An analysis of the millions of stolen credentials by security company LeakedSource shows a troubling practice; the most-used passwords are also super easy to guess. In fact, the number one password (connected to more than 120,000 accounts) is “12345.”
Fans of the 1987 Mel Brooks film Spaceballs can see the irony here. In one of the movie’s most quoted scenes, the evil-yet-lovable Dark Helmet is blackmailing King Roland to turn over the password protecting Druidia’s precious atmosphere. Eventually, King Roland caves and reveals the super-secret, super-important password to be, you guessed it, “12345.”
To which Dark Helmet replies, “That’s the stupidest combination I’ve ever heard in my life! That’s the kind of thing an idiot would have on his luggage!”
The report from LeakedSource goes on to reveal that the other, most-used passwords are also ridiculously easy to guess; “123456789,” “qwerty,” and “password.”
The fact that Spaceballs came out almost 30 years ago is evidence that using overly simple passwords has been a problem for quite a while, and, as long as there will be passwords, this will continue to be a major issue. Fortunately, the solution is stupidly simple; make sure to use complex passwords with random characters.
Although, using complex passwords is only part of the security equation. For websites and services offering two-factor authentication, like Twitter, you’ll want to take advantage of it. This way, even if a hacker made off with your super-complex password, they’ll still need access to your email account or smartphone in order to log in.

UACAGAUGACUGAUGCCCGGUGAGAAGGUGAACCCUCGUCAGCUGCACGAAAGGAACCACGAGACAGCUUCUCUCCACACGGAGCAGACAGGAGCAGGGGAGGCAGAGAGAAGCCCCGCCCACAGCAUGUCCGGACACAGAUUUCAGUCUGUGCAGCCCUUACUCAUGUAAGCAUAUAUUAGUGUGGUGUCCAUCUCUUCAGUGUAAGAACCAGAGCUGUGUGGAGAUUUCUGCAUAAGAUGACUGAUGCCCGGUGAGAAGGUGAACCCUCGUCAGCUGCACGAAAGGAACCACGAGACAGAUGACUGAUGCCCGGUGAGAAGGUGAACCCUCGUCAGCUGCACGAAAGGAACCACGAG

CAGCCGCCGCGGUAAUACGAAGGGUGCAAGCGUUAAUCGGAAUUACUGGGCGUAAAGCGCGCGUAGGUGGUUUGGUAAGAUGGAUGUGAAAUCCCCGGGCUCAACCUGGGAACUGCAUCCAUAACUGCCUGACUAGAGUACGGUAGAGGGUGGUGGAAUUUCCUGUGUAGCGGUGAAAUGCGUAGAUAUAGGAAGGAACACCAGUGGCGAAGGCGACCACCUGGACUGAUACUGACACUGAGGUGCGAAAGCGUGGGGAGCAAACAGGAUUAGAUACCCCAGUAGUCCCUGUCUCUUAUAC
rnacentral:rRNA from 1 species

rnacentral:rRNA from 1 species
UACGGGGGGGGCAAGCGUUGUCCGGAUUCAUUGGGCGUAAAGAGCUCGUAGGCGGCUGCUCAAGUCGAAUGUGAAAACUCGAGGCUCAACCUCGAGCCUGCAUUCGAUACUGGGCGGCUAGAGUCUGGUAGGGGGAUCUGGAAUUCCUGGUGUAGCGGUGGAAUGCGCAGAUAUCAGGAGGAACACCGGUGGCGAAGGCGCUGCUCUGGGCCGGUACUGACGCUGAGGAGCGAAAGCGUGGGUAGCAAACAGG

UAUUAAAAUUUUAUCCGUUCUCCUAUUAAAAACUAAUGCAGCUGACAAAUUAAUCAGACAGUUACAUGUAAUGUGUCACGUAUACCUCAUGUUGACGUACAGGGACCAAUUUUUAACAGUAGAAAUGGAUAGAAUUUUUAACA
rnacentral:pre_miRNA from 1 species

One additional password blunder that’s all too common and easy to avoid is using the same password for multiple accounts. In a major hacking situation like Twitter experienced, even a novice hacker could connect the dots and use the stolen password to try and log into different accounts belonging to the victim.
What kind of a King Roland-like idiot would use the same, super-simple password across multiple online accounts? Well, Facebook’s CEO Mark Zuckerberg for one.
On June 6th, Mark Zuckerberg lost control of his Twitter and Pinterest accounts after a hacker used the same password to access both of them. The super-complex password that stood between a hacker and the King of Social Media, “dadada.” Admittedly, this is a step up from “12345,” but not by much.
To make matters worse, Zuckerberg had used this password before. This highlights yet another best practice when it comes to password security; be sure to routinely change your password, and when you change it, make sure to not use a password that you’ve used before.
Being smart about your passwords will go a long way in protecting your online identity. For your business, it’s wise to take as many security precautions as possible in order to protect your network from hackers looking to steal your company’s sensitive information. To learn more about how Aspire can keep you safe, call us at (469) 7-ASPIRE.